This article will show you how to use your BlackBerry device to connect a Windows notebook or desktop computer to the Web.

A tethered modem lets you access the Internet with your laptop computer anywhere there’s cellular data coverage. Forget about lengthy Wi-Fi hotspot login processes and usage fees.

If you have a BlackBerry 7130v, Pearl, Curve or 8800 series device it can be employed as a tethered modem – though charges for data may vary, so check that before you proceed.

1. Download and install RIM BlackBerry Desktop Software

The first step to connecting your Windows notebook or desktop computer to the Internet using your BlackBerry smartphone’s data connection: download the BlackBerry Desktop Software from RIM’s website or the CD that came with your device. You’ll need software version 4.1 or higher to use your BlackBerry as a tethered modem.

This software ensures that you’ve got the appropriate drivers to enable your BlackBerry to use your computer’s USB and virtual COM ports to upload and download Internet data via dial-up connection.

If you find that you’re already running an earlier version of BlackBerry Desktop Manager that doesn’t support tethering, simply download the updated software from RIM. You may to need repair the software after upgrading from v4.0 to v4.1 if the necessary USB and virtual COM ports can’t be found. To do so, simply re-install and select the Repair option.

2. Create Web Access Point Name (APN)

Open up your Windows Start Menu and find your Control Panel, within your Settings. Open up your Phone and Modem Options, and specify your local area code, carrier code (if necessary) and numbers that you may need to dial to access outside lines. Then choose whether or not your use a touch tone or pulse telephone connection and hit OK.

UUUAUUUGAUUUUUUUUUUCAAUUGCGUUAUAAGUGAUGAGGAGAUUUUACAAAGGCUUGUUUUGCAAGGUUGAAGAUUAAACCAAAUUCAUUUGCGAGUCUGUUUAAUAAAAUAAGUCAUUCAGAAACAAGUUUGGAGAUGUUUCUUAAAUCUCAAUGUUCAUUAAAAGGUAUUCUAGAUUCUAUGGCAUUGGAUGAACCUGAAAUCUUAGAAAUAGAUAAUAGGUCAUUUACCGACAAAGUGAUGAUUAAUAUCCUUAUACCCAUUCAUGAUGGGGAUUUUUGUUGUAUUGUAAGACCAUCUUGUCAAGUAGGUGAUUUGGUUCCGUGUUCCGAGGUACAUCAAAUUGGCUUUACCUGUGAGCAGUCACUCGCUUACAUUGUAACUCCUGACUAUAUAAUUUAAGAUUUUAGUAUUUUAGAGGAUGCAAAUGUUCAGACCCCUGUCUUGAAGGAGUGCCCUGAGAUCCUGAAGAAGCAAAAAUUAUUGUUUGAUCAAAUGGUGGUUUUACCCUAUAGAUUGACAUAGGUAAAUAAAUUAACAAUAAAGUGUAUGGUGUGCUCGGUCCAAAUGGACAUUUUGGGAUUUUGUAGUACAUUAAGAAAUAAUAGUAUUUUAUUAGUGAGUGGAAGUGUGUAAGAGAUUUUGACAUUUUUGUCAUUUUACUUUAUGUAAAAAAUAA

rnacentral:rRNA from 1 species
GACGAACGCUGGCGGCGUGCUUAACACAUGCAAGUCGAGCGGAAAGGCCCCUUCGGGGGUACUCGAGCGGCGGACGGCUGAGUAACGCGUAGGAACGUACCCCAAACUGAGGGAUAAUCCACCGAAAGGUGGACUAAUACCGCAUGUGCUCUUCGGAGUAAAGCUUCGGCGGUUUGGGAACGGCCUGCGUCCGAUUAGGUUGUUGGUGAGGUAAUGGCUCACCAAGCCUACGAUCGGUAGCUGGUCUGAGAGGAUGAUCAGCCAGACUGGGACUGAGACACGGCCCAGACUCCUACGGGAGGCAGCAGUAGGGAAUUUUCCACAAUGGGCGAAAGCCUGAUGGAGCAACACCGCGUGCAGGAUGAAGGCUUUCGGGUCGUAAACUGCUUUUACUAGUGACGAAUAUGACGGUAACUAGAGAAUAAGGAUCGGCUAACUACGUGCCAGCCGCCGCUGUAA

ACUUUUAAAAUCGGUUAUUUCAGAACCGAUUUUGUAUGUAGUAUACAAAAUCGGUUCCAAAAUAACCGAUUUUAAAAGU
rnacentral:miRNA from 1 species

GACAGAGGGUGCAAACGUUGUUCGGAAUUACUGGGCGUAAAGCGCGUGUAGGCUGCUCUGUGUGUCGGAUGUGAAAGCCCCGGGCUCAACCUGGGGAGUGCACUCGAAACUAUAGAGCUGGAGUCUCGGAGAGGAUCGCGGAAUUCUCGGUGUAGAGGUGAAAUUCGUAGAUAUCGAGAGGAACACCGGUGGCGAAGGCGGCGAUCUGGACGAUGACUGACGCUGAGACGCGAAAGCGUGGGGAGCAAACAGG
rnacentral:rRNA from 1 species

From there, select the Modems tab, highlight Standard Modems and click the Properties tab beneath the option. Once the Properties window opens, click on the Advanced tab at the top of the box and in the Extra Initialization Commands field type:

+cgdcont=1,”IP”,” Your Internet APN”

(Note: If you don’t know your Internet Access Point Name (APN), you can contact your wireless carrier’s customer support representatives. Or you can try to find your APN by clicking the Options icon on your BlackBerry Applications screen, then Advanced Options, and TCP. If the Internet APN name has been saved within the device, it will be listed in this menu. A good old Google search never hurts, either.)

Click OK once you’ve filled in the Extra Initialization Commands field and hit OK again when the Phone and Modem Options tab reappears.

3. Setup Dial-Up Networking Connection (process depends on which Windows OS you use)

Windows XP users: Open up your Windows Start menu, mouse over the Connect To option and then click Show All Connections. In the Network Tasks box in the right-hand margin, click Create a New Connection to launch the New Connection Wizard. From there, click Next, choose the Connect to the Internet option and hit Next again. Pick Setup My Connection Manually and hit Next again. Select Connect Using a Dialup Modem, hit Next. Select the Standard Modem option on the Select a Device screen, hit Next again. Within the ISP Name box, type a name for your connection (Carrier name, for example) and once again click Next. In the Phone Number field type *99#, and then select whether the connection is for you alone or for others, as well.

You’ll then be prompted for the User Name and Password provided by your wireless carrier upon signing up for the tethered modem service. (If you don’t know your User Name or Password, contact your service provider. Again, performing a Google search might help, as well) After you’ve filled in the appropriate information, click Finish to close the window and open the Connect window. (Some default User Names and Passwords can also be found online.)

When you’ve successfully created a new connection and the Connect window appears, hit the Properties tab at the bottom and ensure that the Standard Modem box is checked and highlighted. Then choose Configure. Check the Enable Hardware Flow Control box, make sure none of the other boxes are checked and then hit OK. When you return to your connection Properties box, hit OK again.

Windows Vista and Windows 2000 users: See additional information on how to configure connections for Windows Vista and Windows 2000 on RIM’s site.